Cannabis Entrepreneurs Bring Star Power to Accelerator Boot Camp
More than 115 early-stage startups applied for one of 10 spots within CanopyBoulder’s spring business accelerator program for the legal cannabis industry. And while applicants hailed from around the world, those companies recently selected for the Boulder, Colo.-based inaugural boot camp all have one thing in common: star power.
“It is all about the founder,” said CanopyBoulder Co-Founder Patrick Rea of what made certain applicants stand out from the rest. “People who have the quality we are looking for are inquisitive, hard working, focused and take direction well.”
CanopyBoulder raised $1.2 million to invest in 20 early-stage startups providing ancillary products and services to the legal cannabis industry with help from The ArcView Group; $400,000 of the proceeds will go toward the $20,000 seed investment each accelerator team receives. Applications are currently being accepted for the second, 13-week intensive business accelerator program to begin Sept. 1.
The 10 selected portfolio companies offer myriad innovations. Cannagrow, from Israel, is launching a smartphone-controlled desktop grow for consumers. Superior, Colo.-based Highest Reward is an outsourced human resources services firm. Denver’s ColoradoPotGuide.com offers a definitive online guide to cannabis in the Mile High State, and beyond.
Notably, ColoradoPotGuide.com recently amassed more than 390,000 views in one month and is “growing rapidly,” Rea said.
Also in CanopyBoulder’s freshman class are: Adistry, an online advertising network for cannabis-related businesses, products and services; Glasshous, a high-end e-commerce head shop; Healthy Headie Lifestyle, network marketing for cannabis-related consumer products; BDDS, retail point of sale data and analysis firm for the cannabis industry; Shivanysa, a lifestyle brand for women interested in the cannabis industry; Stashlogix, a stash bag brand focused on enhancing safety and security for the cannabis consumer; and Tradiv, a tech platform redefining the B2B ecosystem for licensed cannabis businesses.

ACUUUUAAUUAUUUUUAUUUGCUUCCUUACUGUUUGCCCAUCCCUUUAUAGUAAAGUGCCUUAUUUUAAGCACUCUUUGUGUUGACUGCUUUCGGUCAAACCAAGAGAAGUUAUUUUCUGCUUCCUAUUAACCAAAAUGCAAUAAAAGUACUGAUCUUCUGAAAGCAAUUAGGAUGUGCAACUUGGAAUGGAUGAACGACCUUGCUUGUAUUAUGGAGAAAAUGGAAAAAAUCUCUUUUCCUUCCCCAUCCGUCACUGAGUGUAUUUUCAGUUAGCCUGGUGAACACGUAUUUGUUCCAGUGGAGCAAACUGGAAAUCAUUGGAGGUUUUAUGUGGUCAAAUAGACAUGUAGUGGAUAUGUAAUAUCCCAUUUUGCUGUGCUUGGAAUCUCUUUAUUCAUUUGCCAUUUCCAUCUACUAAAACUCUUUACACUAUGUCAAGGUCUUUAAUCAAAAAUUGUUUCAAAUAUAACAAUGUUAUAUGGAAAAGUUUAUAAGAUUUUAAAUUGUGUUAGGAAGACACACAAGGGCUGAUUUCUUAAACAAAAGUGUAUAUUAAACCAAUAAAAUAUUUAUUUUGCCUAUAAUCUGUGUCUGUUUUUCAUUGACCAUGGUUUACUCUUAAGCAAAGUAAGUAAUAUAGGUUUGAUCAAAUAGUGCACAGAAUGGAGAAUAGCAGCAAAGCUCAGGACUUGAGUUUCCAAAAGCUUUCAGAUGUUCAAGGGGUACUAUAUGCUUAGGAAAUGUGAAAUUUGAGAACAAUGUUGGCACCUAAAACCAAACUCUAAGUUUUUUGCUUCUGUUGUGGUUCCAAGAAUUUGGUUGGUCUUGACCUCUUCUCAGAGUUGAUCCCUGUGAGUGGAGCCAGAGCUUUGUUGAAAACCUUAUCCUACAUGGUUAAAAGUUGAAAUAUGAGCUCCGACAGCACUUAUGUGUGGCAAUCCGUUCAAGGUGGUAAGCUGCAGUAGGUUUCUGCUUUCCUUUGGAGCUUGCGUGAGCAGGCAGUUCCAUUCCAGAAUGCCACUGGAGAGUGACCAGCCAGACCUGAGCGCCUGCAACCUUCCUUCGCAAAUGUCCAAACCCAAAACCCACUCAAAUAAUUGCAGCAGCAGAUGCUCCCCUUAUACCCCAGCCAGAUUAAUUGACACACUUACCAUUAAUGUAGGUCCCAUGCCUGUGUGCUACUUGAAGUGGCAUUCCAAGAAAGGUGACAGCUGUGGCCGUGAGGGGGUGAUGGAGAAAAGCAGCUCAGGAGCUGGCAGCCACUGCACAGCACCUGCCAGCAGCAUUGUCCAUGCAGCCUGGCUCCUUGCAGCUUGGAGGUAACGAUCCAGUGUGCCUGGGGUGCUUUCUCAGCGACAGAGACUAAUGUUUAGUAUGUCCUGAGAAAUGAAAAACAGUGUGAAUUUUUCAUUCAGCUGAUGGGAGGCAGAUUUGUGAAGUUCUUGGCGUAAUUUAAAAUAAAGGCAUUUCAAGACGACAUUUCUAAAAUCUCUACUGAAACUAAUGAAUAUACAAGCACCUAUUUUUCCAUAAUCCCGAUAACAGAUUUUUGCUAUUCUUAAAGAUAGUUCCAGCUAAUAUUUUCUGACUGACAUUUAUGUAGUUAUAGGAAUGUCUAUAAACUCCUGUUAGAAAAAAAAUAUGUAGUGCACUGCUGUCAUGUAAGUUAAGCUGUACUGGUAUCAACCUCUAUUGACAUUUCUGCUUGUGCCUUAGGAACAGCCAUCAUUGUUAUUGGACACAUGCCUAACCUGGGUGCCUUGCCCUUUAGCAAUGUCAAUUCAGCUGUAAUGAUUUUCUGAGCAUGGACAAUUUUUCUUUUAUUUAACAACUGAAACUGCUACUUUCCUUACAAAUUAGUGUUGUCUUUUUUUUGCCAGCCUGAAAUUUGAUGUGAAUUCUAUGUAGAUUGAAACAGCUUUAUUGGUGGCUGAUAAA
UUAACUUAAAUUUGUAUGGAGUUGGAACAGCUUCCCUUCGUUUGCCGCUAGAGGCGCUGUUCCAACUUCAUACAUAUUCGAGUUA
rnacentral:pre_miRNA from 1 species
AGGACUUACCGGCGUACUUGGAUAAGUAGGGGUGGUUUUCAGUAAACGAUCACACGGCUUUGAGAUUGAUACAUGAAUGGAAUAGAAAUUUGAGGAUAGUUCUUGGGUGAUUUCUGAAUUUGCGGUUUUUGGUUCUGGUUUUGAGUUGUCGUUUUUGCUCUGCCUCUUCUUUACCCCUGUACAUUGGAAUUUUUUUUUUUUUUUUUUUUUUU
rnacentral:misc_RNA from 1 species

A New Breed Of Entrepreneur
The selection process for CanopyBoulder’s business accelerator program goes beyond the company concept and puts the entrepreneur under the magnifying glass to ensure the best opportunity for success.
These startups will close out their three months of intensive company building by going on an investor roadshow together in June. They will present to the ArcView Investor Network, Rockies Venture Club, and then at the National Cannabis Industry Association’s Cannabis Business Summit.
“How does the company present itself to the world?” said Jeff Donaldson, president and co-founder of Atomic20, a marketing and advertising agency in Boulder. “Does the founder have what it takes to be a CEO—the pressure and the pitfalls?” Donaldson has already begun work as a mentor with the CanopyBoulder accelerator cohort, recently leading a workshop on how to best communicate participants’ brands.
What sets cannabis entrepreneurs apart from other startup business leaders is less aversion to risk, Donaldson said. “They are getting into an industry that is new and figuring it out along the way. It is a tougher road to go down than the normal entrepreneur.”
Those who are able to articulate past failures and show how they recovered are especially tough candidates, he said. “They have confidence. How they tell their story is really important—can they get other people excited and on board?”
The Mentor Advantage
As the $2.7 billion legal marijuana industry continues to grow, so too does the need for qualified mentors to work with today’s brightest young talent. And it’s not just startups who benefit—mentors not only have an ability to “give back,” but they also get front row access to the latest innovations in the market, Donaldson said.
“Being a mentor allows you the ability to help entrepreneurs overcome or avoid some of the hurdles you have faced at past companies,” he said. “Mentors also get to see ideas and innovations before other people do. And with as fast as the cannabis industry is moving, being involved [as a mentor] is a great way to stay plugged in.”
Beyond the classroom, the mentor may even evolve into an investor for the right company and team. “If a project or opportunity came up that I wanted to invest my money in, I get the opportunity to do that right from the start,” he said.
Whether a company is in the idea stage or more developed, there are a growing number of opportunities for cannabis entrepreneurs to get in front of investors and take their startup to the next level. But the competition is fierce, and only those with a home run concept and pioneer-spirit are likely to thrive.
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